Best of
 Wild Things…
By Karen Vizzi
    What exactly is a weed? To some people, the definition is anything growing in the yard that doesn’t have colorful flowers, interesting foliage and that wasn’t purchased in a garden center. To others less rigid, the definition of a weed is simply a plant growing someplace where it isn’t wanted.
     The wild gardener will likely agree with the latter definition and is often tolerant of weeds. Many interesting plants for the wild garden are considered weeds and cannot be purchased from a garden center. Other plants become weeds because they are prolific seeders or their roots and runners spread like wild fire.
     I call my garden “wild” because of the diversity of species it attracts, not because it is a hodgepodge of un-pruned, unmanageable plants. (At least I don’t think it is.) 
I appreciate the value of many plants that most people consider unwelcome, but nevertheless, I do spend a fair amount of time weeding. My nemesis is bindweed (wild morning glory), which has little or no wildlife value and is destructive to other plants. I also exert a lot of energy scraping up tiny elm seedlings in late spring. The elm tree itself is a wonderful wild garden plant, but I can’t allow thousands of them grow to maturity in a 5 x 10 flowerbed.
     Overall, there are quite a few weeds that I am rather fond of. Ground ivy (creeping charlie) is abundant in all areas of what’s left of my lawn. The ground ivy is in flower right now and provides an early nectar source for bees and other tiny insects. It is quite pretty and once the flowers have faded, it halts upright growth and provides a bright green groundcover that rarely needs mowing. Because of the fleshy runners, it is also the easiest “weed” to pull from places it isn’t wanted. White clover is also a prominent resident of my lawn, and is an extremely important nectar source for bees as well as larval food for the clouded sulphur butterfly.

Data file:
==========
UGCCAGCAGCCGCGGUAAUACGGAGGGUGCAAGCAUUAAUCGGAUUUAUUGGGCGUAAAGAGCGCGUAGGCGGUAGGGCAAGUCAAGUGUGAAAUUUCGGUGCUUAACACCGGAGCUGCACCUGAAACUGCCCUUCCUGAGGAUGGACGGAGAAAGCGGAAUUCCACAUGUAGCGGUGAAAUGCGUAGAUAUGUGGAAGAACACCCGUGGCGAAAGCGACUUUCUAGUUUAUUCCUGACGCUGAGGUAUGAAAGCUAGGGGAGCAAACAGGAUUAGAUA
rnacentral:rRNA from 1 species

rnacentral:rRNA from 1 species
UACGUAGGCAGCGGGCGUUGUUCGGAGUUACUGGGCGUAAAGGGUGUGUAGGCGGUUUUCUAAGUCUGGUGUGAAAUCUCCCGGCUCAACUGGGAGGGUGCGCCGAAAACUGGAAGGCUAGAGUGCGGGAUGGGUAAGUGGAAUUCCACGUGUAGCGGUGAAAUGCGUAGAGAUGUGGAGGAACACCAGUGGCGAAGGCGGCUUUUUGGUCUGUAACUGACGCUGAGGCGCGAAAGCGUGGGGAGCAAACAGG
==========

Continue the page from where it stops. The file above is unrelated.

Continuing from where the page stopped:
Other weeds I welcome include wild asters, which are a late blooming nectar source for the migrating monarch; pokeweed, which produces nutritious berries for migrating songbirds (poisonous to humans and pets!) and a strange plant called moth mullein that produces 6 to 7 foot thin spikes of tiny white, purple and orange florets that provide nectar for moths.
     Another weed I love is pigweed (lamb’s quarter). I discovered the value of this plant by accident. The tiny seedlings are often found growing in lawns or cracks of pavement. If allowed to grow to maturity, the plant will reach the size of a large shrub and produce non-descript, greenish flowers, which in turn, produce microscopic seeds in fall. Small songbirds go absolutely berserk over these seeds!
     If I hadn’t ignored this “weed” and allowed it to grow, I would never have discovered this wonderful wild garden plant.
    Bird Brainers: Male songbirds do most of the singing, and they do it to proclaim or announce their territory and attract a mate.
    Butterfly Bullets: Late May is often a very good time to spot Tiger and Eastern Black Swallowtails. Come the first week of June, start checking those parsley plants for swallowtail caterpillars.
    Plant Pointers: Harden off delicate seedlings by gradually exposing them to direct sunlight…a few hours at a time. We’re past the last frost date, so many annuals can be planted now.

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